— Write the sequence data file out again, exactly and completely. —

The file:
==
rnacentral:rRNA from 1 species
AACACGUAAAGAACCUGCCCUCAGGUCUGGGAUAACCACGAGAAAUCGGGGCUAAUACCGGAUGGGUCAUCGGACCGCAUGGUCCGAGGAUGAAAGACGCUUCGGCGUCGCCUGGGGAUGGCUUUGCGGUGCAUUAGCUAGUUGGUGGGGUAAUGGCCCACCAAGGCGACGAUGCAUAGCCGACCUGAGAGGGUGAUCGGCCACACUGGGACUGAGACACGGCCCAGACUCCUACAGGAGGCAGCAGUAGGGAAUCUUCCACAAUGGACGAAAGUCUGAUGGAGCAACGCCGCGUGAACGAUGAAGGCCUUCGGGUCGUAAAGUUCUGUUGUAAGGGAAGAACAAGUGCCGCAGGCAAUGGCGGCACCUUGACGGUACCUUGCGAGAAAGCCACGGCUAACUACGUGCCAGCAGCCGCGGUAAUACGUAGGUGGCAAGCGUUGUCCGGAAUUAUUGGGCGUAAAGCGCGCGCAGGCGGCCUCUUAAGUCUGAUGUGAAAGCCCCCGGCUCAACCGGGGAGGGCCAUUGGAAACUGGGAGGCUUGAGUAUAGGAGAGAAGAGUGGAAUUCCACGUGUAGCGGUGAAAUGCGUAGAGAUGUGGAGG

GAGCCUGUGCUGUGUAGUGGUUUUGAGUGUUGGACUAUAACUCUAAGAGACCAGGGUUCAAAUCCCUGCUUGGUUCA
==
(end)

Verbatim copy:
rnacentral:rRNA from 1 species
AACACGUAAAGAACCUGCCCUCAGGUCUGGGAUAACCACGAGAAAUCGGGGCUAAUACCGGAUGGGUCAUCGGACCGCAUGGUCCGAGGAUGAAAGACGCUUCGGCGUCGCCUGGGGAUGGCUUUGCGGUGCAUUAGCUAGUUGGUGGGGUAAUGGCCCACCAAGGCGACGAUGCAUAGCCGACCUGAGAGGGUGAUCGGCCACACUGGGACUGAGACACGGCCCAGACUCCUACAGGAGGCAGCAGUAGGGAAUCUUCCACAAUGGACGAAAGUCUGAUGGAGCAACGCCGCGUGAACGAUGAAGGCCUUCGGGUCGUAAAGUUCUGUUGUAAGGGAAGAACAAGUGCCGCAGGCAAUGGCGGCACCUUGACGGUACCUUGCGAGAAAGCCACGGCUAACUACGUGCCAGCAGCCGCGGUAAUACGUAGGUGGCAAGCGUUGUCCGGAAUUAUUGGGCGUAAAGCGCGCGCAGGCGGCCUCUUAAGUCUGAUGUGAAAGCCCCCGGCUCAACCGGGGAGGGCCAUUGGAAACUGGGAGGCUUGAGUAUAGGAGAGAAGAGUGGAAUUCCACGUGUAGCGGUGAAAUGCGUAGAGAUGUGGAGG

GAGCCUGUGCUGUGUAGUGGUUUUGAGUGUUGGACUAUAACUCUAAGAGACCAGGGUUCAAAUCCCUGCUUGGUUCA